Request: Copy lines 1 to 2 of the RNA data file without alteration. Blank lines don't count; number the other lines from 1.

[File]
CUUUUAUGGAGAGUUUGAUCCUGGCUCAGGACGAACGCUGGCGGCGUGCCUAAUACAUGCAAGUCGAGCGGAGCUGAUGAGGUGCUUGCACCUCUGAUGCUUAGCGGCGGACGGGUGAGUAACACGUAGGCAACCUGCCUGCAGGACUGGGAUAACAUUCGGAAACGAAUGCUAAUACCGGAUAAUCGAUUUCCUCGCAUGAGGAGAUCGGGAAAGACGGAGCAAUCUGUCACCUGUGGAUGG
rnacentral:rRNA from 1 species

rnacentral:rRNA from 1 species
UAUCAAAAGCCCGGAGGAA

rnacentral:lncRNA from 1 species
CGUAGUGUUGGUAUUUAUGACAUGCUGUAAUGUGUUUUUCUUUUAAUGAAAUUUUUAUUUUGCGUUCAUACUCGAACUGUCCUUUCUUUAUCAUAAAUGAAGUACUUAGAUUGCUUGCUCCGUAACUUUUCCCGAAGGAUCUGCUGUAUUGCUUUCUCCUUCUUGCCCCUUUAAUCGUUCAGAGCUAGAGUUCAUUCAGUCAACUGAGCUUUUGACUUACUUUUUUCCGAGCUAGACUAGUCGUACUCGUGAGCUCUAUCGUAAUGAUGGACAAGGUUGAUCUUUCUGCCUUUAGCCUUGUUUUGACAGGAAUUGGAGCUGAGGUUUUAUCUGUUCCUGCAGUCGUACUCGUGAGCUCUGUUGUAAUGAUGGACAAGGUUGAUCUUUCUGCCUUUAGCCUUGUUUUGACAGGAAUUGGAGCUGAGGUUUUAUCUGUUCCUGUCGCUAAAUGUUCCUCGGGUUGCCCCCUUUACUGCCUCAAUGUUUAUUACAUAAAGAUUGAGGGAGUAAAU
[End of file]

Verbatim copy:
CUUUUAUGGAGAGUUUGAUCCUGGCUCAGGACGAACGCUGGCGGCGUGCCUAAUACAUGCAAGUCGAGCGGAGCUGAUGAGGUGCUUGCACCUCUGAUGCUUAGCGGCGGACGGGUGAGUAACACGUAGGCAACCUGCCUGCAGGACUGGGAUAACAUUCGGAAACGAAUGCUAAUACCGGAUAAUCGAUUUCCUCGCAUGAGGAGAUCGGGAAAGACGGAGCAAUCUGUCACCUGUGGAUGG
rnacentral:rRNA from 1 species